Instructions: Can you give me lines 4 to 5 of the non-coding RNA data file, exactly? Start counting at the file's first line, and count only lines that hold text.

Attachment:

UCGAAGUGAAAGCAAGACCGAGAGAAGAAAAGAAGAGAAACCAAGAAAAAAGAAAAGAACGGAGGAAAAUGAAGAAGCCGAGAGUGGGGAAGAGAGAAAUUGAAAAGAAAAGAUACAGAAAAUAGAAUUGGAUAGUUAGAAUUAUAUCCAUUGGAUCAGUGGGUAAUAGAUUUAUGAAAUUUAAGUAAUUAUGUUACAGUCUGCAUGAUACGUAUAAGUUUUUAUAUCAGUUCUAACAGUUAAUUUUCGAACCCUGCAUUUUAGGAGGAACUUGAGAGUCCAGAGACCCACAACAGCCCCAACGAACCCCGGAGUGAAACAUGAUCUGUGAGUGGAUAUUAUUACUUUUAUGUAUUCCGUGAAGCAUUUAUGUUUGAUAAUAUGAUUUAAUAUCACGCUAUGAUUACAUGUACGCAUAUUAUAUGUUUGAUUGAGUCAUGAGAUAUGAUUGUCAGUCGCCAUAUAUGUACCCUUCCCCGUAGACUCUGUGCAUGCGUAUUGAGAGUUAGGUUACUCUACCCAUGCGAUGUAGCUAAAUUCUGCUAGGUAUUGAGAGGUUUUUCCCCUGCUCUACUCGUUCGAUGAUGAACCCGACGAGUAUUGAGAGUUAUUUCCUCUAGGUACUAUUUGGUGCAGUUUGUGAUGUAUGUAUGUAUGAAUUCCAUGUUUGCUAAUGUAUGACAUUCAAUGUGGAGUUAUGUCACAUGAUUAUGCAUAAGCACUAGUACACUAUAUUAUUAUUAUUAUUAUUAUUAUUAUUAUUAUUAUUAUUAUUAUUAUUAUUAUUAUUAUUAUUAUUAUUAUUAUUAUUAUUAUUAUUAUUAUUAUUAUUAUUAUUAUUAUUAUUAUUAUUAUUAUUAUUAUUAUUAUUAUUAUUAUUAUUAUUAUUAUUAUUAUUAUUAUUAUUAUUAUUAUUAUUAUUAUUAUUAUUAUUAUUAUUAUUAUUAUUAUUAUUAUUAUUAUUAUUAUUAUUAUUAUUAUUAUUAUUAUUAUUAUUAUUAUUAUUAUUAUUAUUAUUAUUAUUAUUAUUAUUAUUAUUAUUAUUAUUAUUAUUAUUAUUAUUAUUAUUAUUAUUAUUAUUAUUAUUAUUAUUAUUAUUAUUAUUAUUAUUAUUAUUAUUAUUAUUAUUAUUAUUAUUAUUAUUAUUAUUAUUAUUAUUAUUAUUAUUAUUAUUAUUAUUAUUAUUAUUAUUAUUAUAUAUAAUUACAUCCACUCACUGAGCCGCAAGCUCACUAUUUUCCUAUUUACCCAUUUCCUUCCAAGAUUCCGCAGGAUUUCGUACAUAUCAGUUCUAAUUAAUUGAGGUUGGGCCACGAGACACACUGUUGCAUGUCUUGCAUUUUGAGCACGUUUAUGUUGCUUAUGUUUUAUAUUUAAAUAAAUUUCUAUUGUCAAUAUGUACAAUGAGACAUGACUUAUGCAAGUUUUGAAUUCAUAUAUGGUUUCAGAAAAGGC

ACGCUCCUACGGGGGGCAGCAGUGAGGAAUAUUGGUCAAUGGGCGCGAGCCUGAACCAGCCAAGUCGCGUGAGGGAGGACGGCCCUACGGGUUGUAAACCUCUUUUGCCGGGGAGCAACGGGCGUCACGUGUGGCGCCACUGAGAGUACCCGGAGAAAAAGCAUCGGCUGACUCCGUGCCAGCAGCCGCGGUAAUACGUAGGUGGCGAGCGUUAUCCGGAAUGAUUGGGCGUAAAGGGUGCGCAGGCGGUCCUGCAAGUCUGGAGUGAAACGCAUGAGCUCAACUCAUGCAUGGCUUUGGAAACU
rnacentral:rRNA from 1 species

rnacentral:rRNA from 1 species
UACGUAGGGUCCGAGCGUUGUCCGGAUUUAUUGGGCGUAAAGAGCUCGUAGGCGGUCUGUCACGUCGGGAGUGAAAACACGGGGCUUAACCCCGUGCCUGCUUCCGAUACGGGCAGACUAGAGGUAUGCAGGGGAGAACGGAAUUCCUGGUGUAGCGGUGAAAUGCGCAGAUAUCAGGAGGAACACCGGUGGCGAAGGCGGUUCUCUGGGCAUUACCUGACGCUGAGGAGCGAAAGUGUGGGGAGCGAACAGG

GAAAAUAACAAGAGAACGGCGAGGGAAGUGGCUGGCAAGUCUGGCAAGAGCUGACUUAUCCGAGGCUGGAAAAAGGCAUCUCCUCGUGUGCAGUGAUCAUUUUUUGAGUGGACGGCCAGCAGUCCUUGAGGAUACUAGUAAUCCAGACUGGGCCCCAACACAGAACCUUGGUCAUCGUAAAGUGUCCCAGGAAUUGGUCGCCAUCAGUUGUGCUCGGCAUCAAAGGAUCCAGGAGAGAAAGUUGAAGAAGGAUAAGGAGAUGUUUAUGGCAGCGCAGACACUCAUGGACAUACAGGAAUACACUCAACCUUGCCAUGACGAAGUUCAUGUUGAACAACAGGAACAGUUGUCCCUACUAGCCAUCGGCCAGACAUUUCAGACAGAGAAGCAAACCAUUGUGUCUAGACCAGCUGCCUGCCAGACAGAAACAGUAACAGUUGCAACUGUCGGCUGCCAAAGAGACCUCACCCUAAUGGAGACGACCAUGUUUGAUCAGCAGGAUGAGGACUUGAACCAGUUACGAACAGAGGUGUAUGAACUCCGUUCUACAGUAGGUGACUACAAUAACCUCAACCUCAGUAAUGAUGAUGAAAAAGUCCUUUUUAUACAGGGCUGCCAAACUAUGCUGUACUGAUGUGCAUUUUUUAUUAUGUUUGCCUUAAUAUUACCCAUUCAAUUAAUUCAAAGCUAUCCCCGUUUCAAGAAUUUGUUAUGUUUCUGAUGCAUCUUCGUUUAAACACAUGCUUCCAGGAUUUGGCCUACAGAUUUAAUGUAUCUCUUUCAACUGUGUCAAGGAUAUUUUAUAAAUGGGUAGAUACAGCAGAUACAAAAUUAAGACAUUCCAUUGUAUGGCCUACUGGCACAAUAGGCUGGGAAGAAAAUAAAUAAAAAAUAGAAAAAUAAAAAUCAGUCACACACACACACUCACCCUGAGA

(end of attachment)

rnacentral:rRNA from 1 species
UACGUAGGGUCCGAGCGUUGUCCGGAUUUAUUGGGCGUAAAGAGCUCGUAGGCGGUCUGUCACGUCGGGAGUGAAAACACGGGGCUUAACCCCGUGCCUGCUUCCGAUACGGGCAGACUAGAGGUAUGCAGGGGAGAACGGAAUUCCUGGUGUAGCGGUGAAAUGCGCAGAUAUCAGGAGGAACACCGGUGGCGAAGGCGGUUCUCUGGGCAUUACCUGACGCUGAGGAGCGAAAGUGUGGGGAGCGAACAGG